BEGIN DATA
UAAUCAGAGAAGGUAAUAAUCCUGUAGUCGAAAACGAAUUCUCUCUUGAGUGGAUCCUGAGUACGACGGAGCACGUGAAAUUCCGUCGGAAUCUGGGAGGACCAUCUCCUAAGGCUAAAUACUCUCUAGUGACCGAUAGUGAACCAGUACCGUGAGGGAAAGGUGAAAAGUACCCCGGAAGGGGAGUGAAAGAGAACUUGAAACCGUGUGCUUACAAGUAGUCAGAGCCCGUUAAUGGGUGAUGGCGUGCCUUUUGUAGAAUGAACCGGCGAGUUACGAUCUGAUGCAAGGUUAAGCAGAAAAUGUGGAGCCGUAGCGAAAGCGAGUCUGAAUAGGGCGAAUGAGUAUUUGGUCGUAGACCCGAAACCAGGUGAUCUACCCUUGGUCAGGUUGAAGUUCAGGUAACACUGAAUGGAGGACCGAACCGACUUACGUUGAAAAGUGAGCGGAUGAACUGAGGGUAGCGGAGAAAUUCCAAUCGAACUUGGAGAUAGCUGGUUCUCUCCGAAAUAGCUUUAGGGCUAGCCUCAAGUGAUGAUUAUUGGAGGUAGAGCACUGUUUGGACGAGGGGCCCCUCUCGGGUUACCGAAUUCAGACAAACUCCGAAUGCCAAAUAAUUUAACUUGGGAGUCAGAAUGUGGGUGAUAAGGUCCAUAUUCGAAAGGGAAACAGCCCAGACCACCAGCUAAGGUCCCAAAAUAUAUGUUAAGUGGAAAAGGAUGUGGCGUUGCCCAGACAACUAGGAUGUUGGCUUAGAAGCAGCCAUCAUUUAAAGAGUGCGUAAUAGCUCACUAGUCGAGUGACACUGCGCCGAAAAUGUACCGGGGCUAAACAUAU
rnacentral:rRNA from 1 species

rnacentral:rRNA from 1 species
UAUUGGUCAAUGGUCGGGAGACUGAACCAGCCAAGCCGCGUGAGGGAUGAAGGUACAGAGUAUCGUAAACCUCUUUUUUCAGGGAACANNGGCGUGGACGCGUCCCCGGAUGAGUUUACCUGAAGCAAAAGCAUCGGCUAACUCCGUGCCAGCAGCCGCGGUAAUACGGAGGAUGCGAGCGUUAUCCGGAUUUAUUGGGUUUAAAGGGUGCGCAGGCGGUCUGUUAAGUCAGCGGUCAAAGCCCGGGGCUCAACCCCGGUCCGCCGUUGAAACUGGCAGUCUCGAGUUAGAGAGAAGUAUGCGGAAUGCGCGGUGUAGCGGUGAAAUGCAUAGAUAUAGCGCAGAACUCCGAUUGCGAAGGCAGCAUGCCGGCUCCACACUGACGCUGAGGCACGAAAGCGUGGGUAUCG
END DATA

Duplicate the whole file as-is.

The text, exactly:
UAAUCAGAGAAGGUAAUAAUCCUGUAGUCGAAAACGAAUUCUCUCUUGAGUGGAUCCUGAGUACGACGGAGCACGUGAAAUUCCGUCGGAAUCUGGGAGGACCAUCUCCUAAGGCUAAAUACUCUCUAGUGACCGAUAGUGAACCAGUACCGUGAGGGAAAGGUGAAAAGUACCCCGGAAGGGGAGUGAAAGAGAACUUGAAACCGUGUGCUUACAAGUAGUCAGAGCCCGUUAAUGGGUGAUGGCGUGCCUUUUGUAGAAUGAACCGGCGAGUUACGAUCUGAUGCAAGGUUAAGCAGAAAAUGUGGAGCCGUAGCGAAAGCGAGUCUGAAUAGGGCGAAUGAGUAUUUGGUCGUAGACCCGAAACCAGGUGAUCUACCCUUGGUCAGGUUGAAGUUCAGGUAACACUGAAUGGAGGACCGAACCGACUUACGUUGAAAAGUGAGCGGAUGAACUGAGGGUAGCGGAGAAAUUCCAAUCGAACUUGGAGAUAGCUGGUUCUCUCCGAAAUAGCUUUAGGGCUAGCCUCAAGUGAUGAUUAUUGGAGGUAGAGCACUGUUUGGACGAGGGGCCCCUCUCGGGUUACCGAAUUCAGACAAACUCCGAAUGCCAAAUAAUUUAACUUGGGAGUCAGAAUGUGGGUGAUAAGGUCCAUAUUCGAAAGGGAAACAGCCCAGACCACCAGCUAAGGUCCCAAAAUAUAUGUUAAGUGGAAAAGGAUGUGGCGUUGCCCAGACAACUAGGAUGUUGGCUUAGAAGCAGCCAUCAUUUAAAGAGUGCGUAAUAGCUCACUAGUCGAGUGACACUGCGCCGAAAAUGUACCGGGGCUAAACAUAU
rnacentral:rRNA from 1 species

rnacentral:rRNA from 1 species
UAUUGGUCAAUGGUCGGGAGACUGAACCAGCCAAGCCGCGUGAGGGAUGAAGGUACAGAGUAUCGUAAACCUCUUUUUUCAGGGAACANNGGCGUGGACGCGUCCCCGGAUGAGUUUACCUGAAGCAAAAGCAUCGGCUAACUCCGUGCCAGCAGCCGCGGUAAUACGGAGGAUGCGAGCGUUAUCCGGAUUUAUUGGGUUUAAAGGGUGCGCAGGCGGUCUGUUAAGUCAGCGGUCAAAGCCCGGGGCUCAACCCCGGUCCGCCGUUGAAACUGGCAGUCUCGAGUUAGAGAGAAGUAUGCGGAAUGCGCGGUGUAGCGGUGAAAUGCAUAGAUAUAGCGCAGAACUCCGAUUGCGAAGGCAGCAUGCCGGCUCCACACUGACGCUGAGGCACGAAAGCGUGGGUAUCG